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Thursday - June 16, 2011

From: Rochester, NY
Region: Northeast
Topic: Shrubs
Title: Shrubs for a fenceline in NY
Answered by: Anne Bossart

QUESTION:

Need to replace shrubs along a fence. Currently have Honeysuckle and they are very old. Would like to have something different with more color & interest during winter months. The line of shrubs are half in sunshine, half in shade. Any suggestions?

ANSWER:

On first glance at your question, my reaction was, "oh boy, there are so many great shrubs to recommend" but then I saw "color and interest during winter months". 

You do know that you live in Rochester so your color choices are limited to white, grey and brown during the winter months?

Actually, they are not.  There are a number of plants that are interesting to look at and provide wildlife benefits during the winter months such as:

Amelanchier arborea (Common serviceberry) which as you can see from the photos, blooms in late winter

Arctostaphylos uva-ursi (Kinnikinnick) this is a short evergreen groundcover with red berries that persist into winter.  It is very festive looking until it gets covered with snow!

Cornus sericea (Redosier dogwood) whose conspicuous red twigs look great against a background of snow or tan grasses.  It also has great fall color and produces flowers that attract butterflies and berries that attract birds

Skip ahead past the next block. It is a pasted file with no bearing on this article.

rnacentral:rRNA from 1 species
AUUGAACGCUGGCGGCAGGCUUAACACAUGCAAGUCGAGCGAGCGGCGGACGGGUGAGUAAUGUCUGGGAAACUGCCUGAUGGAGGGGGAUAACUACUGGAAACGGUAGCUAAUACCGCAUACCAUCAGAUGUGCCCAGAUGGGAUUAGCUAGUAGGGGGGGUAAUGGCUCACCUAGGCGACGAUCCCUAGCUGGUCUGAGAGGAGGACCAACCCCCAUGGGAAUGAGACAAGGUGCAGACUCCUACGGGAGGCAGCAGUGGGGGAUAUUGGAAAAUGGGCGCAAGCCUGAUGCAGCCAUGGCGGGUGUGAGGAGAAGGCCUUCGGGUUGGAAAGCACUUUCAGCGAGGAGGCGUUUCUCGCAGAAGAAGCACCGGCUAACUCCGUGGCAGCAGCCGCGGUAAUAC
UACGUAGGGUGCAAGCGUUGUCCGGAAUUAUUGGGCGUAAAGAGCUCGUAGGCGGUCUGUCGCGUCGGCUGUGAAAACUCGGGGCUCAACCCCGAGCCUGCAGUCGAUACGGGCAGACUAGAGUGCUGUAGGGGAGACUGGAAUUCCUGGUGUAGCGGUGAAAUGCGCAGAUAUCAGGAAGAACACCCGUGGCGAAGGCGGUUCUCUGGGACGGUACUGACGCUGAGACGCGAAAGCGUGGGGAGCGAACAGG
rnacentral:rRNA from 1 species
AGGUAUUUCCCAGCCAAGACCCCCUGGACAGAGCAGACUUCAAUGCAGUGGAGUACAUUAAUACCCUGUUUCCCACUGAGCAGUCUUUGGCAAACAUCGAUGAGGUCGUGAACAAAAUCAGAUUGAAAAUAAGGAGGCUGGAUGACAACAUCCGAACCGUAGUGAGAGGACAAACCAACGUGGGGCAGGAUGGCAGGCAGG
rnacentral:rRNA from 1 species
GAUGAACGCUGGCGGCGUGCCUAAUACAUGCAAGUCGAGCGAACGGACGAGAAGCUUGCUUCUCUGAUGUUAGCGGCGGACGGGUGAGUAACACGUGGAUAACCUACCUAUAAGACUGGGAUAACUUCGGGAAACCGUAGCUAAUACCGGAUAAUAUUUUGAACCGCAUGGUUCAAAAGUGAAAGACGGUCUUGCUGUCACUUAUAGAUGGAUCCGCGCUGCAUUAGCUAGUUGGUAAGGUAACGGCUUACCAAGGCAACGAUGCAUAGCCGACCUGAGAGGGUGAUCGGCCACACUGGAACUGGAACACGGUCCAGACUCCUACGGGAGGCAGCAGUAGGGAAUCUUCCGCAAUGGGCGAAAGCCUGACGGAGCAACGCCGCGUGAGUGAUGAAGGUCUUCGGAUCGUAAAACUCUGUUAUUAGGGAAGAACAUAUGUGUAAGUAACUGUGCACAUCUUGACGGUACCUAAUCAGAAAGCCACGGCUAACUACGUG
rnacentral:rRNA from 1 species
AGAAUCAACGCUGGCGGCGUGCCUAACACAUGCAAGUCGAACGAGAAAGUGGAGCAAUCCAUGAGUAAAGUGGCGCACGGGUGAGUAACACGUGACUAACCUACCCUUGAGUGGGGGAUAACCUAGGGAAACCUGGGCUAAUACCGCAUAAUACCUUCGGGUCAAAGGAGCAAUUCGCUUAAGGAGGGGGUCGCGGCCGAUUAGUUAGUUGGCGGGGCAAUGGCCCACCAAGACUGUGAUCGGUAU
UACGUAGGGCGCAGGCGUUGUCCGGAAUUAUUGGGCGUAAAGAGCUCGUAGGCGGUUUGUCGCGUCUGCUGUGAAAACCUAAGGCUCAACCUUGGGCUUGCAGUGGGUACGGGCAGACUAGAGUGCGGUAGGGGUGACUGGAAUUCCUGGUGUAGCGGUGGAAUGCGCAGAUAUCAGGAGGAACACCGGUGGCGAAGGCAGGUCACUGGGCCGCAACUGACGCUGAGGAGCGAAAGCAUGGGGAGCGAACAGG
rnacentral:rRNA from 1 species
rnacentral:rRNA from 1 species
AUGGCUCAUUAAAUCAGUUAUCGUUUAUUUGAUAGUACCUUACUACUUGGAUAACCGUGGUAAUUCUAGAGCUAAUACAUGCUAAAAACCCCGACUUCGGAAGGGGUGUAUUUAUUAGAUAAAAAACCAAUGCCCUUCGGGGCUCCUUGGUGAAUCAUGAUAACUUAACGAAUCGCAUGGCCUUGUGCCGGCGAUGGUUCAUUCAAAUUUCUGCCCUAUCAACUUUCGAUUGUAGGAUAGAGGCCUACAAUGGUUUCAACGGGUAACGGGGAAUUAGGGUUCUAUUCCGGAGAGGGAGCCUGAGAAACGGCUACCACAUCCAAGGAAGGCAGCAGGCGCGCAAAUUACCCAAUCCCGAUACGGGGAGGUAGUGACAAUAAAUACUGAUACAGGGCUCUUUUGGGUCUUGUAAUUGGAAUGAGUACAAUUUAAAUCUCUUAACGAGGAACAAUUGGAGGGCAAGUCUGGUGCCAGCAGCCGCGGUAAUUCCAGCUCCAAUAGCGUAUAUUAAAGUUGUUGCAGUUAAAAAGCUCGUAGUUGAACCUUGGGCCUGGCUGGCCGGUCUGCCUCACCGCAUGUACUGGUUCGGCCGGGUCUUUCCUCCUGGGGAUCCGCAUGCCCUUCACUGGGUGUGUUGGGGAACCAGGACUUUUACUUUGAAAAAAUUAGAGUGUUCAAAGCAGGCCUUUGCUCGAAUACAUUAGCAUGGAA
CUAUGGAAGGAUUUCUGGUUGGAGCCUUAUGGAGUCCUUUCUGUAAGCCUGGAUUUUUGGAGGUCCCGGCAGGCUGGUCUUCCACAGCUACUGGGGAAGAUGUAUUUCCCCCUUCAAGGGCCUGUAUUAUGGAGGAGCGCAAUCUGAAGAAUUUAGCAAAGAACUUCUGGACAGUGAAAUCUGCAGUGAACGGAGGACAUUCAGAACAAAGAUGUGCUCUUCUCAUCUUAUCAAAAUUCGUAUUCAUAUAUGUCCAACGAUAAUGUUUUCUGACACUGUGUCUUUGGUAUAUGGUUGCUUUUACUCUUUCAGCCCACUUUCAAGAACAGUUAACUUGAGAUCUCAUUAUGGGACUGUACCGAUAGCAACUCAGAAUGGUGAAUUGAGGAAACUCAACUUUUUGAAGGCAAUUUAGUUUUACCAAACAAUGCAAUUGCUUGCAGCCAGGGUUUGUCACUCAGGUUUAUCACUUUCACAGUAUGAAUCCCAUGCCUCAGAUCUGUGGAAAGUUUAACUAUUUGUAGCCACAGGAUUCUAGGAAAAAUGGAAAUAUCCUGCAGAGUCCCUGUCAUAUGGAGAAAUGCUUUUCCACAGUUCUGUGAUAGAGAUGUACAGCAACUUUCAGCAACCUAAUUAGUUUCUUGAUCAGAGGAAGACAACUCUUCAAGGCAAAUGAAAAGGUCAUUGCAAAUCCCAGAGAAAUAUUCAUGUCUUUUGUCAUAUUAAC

Ilex glabra (Inkberry) this is a broadleaved evergreen that will retain its shiny dark green foliage through winter and provide cover for winter birds, who enjoy the dark blue/black berries that give the plant its common name

Ilex verticillata (Common winterberry) this plant can be a winter show-stopper with its bright red berries, attached singly along arching branches persisting well into winter

Lindera benzoin (Northern spicebush) although this plant doesn't "look like much" during the summer, its fragrant pale yellow flowers break the monotony of late winter. It is also an important butterfly larval food source.

Mahonia aquifolium (Holly-leaf oregon-grape) also has yellow flowers in late winter.  It's disctinctive glossy everygreen foliage turns maroon during the cold months.

Rhus glabra (Smooth sumac) the distinctive fuzzy red fruit produced by this plant persist through winter and are useful in dried seasonal arrangements.  The incredible fall color and intricate foliage provide textural interest in a hedgerow

Symphoricarpos albus (Common snowberry) whose white berries persist after the foliage drops are quite noticeable until they are camouflaged by a background of snow

Viburnum opulus var. americanum (American cranberry bush) the clusters of red berries (images)on this plant are very noticeable and sometimes last all winter before the birds consume them all.  It also has attractive flowers and great fall color

So, you can replace your scraggly old overgrown honeysuckle hedge with a mixed hedgerow that will delight you year round and provide enough interest in your winter garden to keep you from dreaming of a tropical vacation!

Here are some photos from our Image Gallery:

 

 

 

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